what is the prevention of malaria?
There are many ways in which to prevent malaria. I’ll break them down into three categories: 1) medical prevention, 2) protection from getting mosquito bites and 3) vector control.
1) Medical prevention
Malaria can be prevented using certain medications. Taking drugs to prevent a disease is known as “chemoprophylaxis”, and so these drugs are often referred to as “malaria prophylactics”. There are several different types of malaria prophylactic: the most common ones are chloroquine, a mix of atovaquone and proguanil (marketed as Malarone), mefloquine (marketed as Lariam) and doxycycline. The mode of taking these medications vary (Lariam is taken once a week, for example, whereas the others are usually taken once every day), and they also have different restrictions and side effects. Chloroquine is not effective in areas where local forms of malaria have become resistant, for example, and Lariam is not recommended for people with a history of mental instability, as it is known to cause hallucinations and otherwise impair consciousness. Here on Malaria.com, we are actually currently running a survey on side effects of malaria prophylactic drugs, so if you have ever taken medication to prevent malaria, please take the survey: Malaria Medication Side-effects Survey: Treatment and Prophylaxis
It is worth noting that these drugs have not been tested for long term use, plus they can be expensive if taken for an extended period of time. As such, they may not be appropriate for people living in endemic areas for malaria. However, medication can be useful for preventing malaria in high risk groups, even when they are living in a malaria endemic area. One example is the use of intermittent preventive treatment (IPT) for preventing malaria infection in pregnant women, infants and young children. For more information on this, please see the review article written by Dr Felicia Lester for this website: http://www.malaria.com/research/malaria-pregnancy-preventive-treatment
2) Protection from getting mosquito bites
This section links in with the more general vector control strategies, which will be discussed below. Since malaria is transmitted through the bite of infected mosquitoes, preventing mosquito bites is a very effective way of reducing malaria incidence. One of the most popular methods for personal protection, especially in areas where malaria is endemic, is through sleeping under a mosquito bednet. The mesh prevents mosquitoes from being able to fly close to the person sleeping; however, if there are holes in the net, or the person skin is pressed directly against the mesh, the mosquito may still be able to bite them. This is where insecticide-treated bednets come in – they are impregnated with mosquito repellents to stop mosquitoes from biting through the mesh or passing through holes. Newly developed long-lasting insecticide treated bednets (LLINs) are even more effective, in that they don’t require “re-dipping” to maintain the level of repellent in the fibres, and so can protect a person for several years without losing efficacy. These LLINs have been instrumental in reducing cases of severe and fatal malaria, especially among pregnant women and young children, who are often targeted by bednet distributors.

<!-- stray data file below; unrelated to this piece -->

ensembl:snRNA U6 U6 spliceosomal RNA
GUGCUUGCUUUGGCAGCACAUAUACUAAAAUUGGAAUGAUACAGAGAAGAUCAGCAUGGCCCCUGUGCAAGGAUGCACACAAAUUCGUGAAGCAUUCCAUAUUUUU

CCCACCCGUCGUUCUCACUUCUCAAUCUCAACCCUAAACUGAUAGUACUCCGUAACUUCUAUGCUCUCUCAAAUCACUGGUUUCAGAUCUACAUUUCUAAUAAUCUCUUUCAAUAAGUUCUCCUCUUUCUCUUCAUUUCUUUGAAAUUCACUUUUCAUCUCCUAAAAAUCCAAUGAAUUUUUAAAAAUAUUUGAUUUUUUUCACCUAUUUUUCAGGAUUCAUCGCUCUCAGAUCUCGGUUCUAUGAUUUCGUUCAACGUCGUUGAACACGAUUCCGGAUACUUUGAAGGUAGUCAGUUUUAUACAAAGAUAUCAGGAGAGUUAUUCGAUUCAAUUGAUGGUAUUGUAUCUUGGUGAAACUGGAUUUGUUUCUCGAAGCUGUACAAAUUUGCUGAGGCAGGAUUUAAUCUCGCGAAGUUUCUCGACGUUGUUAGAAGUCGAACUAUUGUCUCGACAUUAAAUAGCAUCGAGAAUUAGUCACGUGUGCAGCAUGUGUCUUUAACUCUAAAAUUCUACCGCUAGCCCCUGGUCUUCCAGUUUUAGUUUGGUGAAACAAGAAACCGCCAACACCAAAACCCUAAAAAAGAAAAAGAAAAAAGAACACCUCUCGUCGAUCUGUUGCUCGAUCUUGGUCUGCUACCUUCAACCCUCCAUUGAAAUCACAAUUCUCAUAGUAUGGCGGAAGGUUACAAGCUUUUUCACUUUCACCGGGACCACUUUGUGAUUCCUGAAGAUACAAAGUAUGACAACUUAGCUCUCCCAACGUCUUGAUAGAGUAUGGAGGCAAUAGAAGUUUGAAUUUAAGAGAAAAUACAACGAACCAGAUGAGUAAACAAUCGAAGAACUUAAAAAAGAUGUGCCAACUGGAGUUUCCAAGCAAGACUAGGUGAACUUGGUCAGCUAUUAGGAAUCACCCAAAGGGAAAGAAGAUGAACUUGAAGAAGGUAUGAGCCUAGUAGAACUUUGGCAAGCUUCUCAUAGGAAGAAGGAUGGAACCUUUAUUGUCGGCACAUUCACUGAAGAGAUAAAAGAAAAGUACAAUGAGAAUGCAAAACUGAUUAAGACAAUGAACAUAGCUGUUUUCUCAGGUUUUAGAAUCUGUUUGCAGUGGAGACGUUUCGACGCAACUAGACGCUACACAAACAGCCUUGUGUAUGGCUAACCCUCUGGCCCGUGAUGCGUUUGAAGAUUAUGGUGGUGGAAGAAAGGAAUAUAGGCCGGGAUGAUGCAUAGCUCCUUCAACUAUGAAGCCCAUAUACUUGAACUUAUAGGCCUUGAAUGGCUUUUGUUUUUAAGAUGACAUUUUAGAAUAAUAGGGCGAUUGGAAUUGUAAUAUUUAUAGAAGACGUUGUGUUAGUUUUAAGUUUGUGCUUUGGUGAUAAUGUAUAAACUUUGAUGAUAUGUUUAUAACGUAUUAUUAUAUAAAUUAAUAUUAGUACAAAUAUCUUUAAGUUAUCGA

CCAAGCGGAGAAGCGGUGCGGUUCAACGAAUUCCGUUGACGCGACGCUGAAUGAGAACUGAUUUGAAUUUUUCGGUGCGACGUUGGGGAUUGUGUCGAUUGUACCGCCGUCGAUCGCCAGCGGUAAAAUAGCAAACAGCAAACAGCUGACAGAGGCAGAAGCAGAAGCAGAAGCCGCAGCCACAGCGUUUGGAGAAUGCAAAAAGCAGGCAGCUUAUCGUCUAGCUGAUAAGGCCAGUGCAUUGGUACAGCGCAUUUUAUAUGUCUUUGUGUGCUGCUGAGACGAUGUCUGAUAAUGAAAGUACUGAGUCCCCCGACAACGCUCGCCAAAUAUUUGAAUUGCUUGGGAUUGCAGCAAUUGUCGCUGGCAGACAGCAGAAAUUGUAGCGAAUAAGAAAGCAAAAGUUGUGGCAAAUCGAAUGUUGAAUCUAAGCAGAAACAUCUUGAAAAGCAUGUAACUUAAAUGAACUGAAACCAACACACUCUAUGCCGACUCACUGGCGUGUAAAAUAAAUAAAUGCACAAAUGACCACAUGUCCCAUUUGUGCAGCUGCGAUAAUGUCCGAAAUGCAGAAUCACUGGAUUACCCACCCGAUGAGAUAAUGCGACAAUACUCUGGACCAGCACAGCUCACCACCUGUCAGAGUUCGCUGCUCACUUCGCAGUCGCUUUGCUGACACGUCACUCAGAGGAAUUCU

Other methods for preventing mosquito bites include wearing long-sleeved clothing and personal application of mosquito repellent, particular those containing a percentage of DEET, which is a very effective insecticide. These measures should be especially taken in the evening, early morning and at night, which is when the Anopheles mosquitoes that carry malaria are most active.
3) Vector control
Finally, malaria can be prevented from reducing numbers of mosquitoes directly. Some methods target the adult mosquitoes; one such initiative is indoor residual spraying (IRS), whereby the inside of a house is sprayed with an insecticide to kill mosquitoes. Twelve different insecticides are approved by the World Health Organisation for this purpose, though pyrethroids are among the most popular, as they can be used on a variety of surfaces, do not leave a visible stain and can also protect against other insect pests, such as bedbugs.
Other methods for vector control focus on other parts of the mosquito lifecycle. Mosquito larvae require stagnant freshwater for their development, so some projects have worked to eliminate standing water sources, such as unnecessary ditches and puddles, which reduces the amount of habitat available for mosquitoes to lay their eggs and sustain larvae. Other programmes have spread insecticides directly in stagnant water to kill the larvae, or sought to introduce fish or other aquatic organisms, such as copepods, which consume mosquito eggs and larvae. This latter biological control approach is popular because it can also supply an area with fish for local consumption, and doesn’t contaminate water sources with chemicals.